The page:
The Submarine Cable Map, just in case you wanted to know where your bits are going. Here’s an excerpt from the description of the site:
TeleGeography’s free interactive submarine cable map is based on our authoritative Global Bandwidth research, and depicts active and planned submarine cable systems and their landing stations. Selecting a cable route on the map provides access to data about the cable, including the cable’s name, ready-for-service (RFS) date, length, owners, website, and landing points. Selecting a landing point provides a list of all submarine cables landing at that station.
The source is available too.
An excerpt from Tim Berners-Lee’s post to comp.sys.next.announce concerning the release of the WorldWideWeb app:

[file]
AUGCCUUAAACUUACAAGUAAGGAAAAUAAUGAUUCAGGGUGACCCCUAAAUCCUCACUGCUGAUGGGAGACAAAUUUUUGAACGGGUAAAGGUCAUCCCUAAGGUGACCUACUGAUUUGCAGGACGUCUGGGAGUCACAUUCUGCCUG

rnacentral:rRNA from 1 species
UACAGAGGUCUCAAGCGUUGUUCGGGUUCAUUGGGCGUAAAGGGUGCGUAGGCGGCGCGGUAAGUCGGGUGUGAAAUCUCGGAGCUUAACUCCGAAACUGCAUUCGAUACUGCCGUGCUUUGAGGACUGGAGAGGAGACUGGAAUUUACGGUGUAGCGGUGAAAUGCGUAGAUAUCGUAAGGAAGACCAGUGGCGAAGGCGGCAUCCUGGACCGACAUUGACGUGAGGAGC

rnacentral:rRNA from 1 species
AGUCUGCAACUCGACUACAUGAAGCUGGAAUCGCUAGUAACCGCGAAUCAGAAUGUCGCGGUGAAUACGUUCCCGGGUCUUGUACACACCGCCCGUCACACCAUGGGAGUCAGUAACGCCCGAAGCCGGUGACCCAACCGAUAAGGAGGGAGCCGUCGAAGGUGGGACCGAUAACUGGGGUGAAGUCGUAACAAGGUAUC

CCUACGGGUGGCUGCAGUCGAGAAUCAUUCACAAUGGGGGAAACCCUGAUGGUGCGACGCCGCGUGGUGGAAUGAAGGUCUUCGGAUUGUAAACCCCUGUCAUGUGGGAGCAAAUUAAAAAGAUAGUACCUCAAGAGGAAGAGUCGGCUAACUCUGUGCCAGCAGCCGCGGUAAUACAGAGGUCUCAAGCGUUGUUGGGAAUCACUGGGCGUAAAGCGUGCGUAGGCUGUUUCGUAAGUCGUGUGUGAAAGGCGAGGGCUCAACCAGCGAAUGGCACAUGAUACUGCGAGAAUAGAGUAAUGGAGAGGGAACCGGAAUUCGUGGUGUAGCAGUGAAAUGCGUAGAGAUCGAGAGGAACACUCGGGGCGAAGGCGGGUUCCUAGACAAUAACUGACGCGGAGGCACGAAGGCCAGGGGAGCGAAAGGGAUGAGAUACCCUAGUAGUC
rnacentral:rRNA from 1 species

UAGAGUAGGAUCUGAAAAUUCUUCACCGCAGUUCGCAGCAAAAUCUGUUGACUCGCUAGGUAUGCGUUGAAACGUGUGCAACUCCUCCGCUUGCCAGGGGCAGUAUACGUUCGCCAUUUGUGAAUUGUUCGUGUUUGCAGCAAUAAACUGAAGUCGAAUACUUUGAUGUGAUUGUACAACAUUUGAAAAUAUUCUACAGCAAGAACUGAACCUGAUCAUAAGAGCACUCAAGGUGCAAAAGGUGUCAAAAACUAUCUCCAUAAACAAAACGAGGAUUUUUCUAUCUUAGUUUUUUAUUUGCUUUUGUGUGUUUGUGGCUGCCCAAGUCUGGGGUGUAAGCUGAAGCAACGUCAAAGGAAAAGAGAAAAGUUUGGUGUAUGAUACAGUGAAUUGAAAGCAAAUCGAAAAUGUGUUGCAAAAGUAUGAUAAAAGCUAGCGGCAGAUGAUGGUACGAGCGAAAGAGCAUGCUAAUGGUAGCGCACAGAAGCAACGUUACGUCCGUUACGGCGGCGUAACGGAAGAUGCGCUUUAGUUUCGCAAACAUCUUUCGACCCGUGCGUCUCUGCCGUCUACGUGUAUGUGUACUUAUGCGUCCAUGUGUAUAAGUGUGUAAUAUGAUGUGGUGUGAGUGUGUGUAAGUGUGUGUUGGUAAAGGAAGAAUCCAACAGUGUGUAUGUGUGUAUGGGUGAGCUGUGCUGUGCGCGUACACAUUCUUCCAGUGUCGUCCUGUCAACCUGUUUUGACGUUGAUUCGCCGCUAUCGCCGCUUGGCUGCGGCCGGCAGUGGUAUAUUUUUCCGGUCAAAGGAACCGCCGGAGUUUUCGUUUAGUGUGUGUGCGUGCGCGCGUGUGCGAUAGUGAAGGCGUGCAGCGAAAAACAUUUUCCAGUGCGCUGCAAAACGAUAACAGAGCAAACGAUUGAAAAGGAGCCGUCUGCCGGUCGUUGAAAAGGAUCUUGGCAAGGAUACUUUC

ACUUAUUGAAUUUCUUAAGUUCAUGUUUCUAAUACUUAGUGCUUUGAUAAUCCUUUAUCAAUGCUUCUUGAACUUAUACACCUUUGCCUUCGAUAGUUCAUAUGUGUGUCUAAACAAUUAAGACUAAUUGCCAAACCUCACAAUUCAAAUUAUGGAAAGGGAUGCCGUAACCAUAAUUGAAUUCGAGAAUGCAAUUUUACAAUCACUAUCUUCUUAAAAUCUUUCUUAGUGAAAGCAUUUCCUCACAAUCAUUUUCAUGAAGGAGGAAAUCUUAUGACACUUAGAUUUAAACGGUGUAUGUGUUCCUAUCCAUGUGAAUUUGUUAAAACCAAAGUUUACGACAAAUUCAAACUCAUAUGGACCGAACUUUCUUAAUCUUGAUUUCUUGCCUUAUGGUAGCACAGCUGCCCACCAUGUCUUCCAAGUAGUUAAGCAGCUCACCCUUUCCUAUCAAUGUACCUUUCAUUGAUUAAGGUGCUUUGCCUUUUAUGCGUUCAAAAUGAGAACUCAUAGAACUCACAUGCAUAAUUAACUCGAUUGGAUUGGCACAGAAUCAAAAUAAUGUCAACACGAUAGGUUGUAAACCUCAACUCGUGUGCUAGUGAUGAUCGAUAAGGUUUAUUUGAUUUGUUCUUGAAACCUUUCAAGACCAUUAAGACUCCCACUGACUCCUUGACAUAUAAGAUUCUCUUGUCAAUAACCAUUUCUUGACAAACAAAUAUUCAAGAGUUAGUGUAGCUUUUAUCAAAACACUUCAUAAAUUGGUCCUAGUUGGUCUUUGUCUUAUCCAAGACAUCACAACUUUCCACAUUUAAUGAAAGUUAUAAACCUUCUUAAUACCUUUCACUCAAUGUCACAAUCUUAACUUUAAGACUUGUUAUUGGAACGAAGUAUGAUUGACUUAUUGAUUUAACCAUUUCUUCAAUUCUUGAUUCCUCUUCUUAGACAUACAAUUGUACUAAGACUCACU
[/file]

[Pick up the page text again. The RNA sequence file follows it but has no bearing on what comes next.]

This project is experimental and of course comes without any warranty whatsoever. However, it could start a revolution in information access. We are currently using WWW for user support at CERN. We would be very interested in comments from anyone trying WWW, and especially those making other data available, as part of a truly world-wide web.
A revolution in information access indeed.
You also might be interested in this post from the eightface archive: The oldest page on the internet.
Researchers at Imperial College London have been exploring the effects of psilocybin on the brain. A quote from professor David Nutt:
Psychedelics are thought of as ‘mind-expanding’ drugs so it has commonly been assumed that they work by increasing brain activity, but surprisingly, we found that psilocybin actually caused activity to decrease in areas that have the densest connections with other areas. These hubs constrain our experience of the world and keep it orderly. We now know that deactivating these regions leads to a state in which the world is experienced as strange.
Here are links to abstracts from the first and second study.